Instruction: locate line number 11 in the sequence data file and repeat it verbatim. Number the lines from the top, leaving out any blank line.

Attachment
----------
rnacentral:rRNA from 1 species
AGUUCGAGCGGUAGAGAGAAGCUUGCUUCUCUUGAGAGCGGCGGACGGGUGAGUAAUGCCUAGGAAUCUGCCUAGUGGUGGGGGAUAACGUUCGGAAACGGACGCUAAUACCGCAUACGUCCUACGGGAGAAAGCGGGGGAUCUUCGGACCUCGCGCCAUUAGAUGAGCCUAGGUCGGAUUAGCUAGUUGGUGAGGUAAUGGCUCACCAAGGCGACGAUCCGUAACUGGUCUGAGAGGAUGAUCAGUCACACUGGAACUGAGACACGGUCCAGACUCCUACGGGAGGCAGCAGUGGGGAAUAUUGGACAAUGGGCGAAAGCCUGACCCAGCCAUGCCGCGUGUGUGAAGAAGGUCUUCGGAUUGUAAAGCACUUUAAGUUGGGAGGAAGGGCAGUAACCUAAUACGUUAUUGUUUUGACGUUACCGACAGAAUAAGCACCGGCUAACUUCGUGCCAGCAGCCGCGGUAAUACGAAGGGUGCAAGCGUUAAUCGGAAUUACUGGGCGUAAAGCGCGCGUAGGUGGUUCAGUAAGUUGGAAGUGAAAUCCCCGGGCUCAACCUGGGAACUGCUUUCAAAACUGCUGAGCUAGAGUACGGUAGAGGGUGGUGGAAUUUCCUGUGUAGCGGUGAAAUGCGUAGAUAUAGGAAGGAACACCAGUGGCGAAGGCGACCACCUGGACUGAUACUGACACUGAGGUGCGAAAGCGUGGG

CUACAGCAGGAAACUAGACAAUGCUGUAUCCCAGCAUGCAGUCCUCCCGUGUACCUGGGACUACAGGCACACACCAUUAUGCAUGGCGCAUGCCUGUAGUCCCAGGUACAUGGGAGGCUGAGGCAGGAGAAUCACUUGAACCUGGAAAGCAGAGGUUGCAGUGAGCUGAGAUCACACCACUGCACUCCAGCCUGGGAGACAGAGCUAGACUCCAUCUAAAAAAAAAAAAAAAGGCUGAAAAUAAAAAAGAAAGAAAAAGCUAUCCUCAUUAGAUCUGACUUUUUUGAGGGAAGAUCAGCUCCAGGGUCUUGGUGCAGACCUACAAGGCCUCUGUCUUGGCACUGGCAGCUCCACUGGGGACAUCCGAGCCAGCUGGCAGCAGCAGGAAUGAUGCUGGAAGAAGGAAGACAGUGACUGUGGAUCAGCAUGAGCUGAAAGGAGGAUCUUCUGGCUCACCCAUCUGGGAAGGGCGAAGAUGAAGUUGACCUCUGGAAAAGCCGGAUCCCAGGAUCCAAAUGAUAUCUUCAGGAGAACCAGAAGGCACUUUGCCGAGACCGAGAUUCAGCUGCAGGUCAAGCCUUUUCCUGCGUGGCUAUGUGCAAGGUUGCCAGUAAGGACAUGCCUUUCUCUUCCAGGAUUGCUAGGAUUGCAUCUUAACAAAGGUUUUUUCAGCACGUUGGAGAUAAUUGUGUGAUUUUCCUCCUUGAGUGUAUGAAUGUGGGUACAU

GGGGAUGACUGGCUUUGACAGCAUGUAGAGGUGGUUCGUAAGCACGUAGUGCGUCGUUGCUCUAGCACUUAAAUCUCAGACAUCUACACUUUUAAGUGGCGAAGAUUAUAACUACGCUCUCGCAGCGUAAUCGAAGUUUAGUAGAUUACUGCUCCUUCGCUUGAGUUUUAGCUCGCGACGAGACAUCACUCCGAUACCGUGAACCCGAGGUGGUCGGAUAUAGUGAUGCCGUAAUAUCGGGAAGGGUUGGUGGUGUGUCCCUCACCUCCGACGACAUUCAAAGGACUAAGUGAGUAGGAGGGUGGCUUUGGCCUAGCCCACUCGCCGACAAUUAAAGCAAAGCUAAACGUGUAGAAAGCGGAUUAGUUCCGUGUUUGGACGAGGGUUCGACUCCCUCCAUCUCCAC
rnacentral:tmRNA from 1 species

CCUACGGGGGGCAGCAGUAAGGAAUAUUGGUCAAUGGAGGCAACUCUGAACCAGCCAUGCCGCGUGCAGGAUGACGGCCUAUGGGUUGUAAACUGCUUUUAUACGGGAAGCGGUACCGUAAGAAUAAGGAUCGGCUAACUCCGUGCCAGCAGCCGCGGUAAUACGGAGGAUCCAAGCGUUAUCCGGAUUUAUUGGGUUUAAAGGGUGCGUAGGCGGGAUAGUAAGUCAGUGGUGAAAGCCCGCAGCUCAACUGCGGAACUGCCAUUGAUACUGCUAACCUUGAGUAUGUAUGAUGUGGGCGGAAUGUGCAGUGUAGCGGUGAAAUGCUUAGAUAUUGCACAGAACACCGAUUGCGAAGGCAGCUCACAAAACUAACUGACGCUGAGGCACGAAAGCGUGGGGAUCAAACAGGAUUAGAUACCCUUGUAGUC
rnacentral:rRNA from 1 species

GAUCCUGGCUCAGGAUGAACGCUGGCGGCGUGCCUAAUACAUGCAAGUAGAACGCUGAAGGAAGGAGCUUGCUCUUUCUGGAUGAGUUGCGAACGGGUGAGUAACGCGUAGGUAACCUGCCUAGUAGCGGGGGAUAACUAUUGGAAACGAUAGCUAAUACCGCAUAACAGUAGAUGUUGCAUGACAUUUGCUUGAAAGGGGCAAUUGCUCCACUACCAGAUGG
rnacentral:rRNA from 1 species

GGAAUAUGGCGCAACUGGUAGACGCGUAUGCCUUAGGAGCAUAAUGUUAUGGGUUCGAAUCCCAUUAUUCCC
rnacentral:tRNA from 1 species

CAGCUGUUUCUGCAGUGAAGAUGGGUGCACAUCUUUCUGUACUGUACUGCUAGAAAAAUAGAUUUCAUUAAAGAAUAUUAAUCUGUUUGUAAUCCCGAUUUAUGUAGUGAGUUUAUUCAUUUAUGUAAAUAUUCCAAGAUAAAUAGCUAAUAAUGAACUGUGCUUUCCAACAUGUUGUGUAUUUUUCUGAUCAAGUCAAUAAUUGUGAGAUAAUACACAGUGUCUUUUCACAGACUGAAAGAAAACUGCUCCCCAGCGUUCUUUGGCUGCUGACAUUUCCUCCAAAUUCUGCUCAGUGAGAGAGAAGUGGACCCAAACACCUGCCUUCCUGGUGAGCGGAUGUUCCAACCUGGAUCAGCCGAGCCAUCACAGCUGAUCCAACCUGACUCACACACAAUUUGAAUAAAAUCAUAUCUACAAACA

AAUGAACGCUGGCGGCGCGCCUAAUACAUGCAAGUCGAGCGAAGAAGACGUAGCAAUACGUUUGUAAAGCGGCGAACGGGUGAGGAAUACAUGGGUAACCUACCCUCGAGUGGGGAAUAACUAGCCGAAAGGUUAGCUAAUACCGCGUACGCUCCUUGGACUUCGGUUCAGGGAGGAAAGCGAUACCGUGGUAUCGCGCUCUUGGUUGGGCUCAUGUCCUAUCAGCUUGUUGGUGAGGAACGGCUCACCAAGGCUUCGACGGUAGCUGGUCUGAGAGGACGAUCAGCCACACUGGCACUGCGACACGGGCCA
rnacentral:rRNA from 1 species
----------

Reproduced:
rnacentral:tRNA from 1 species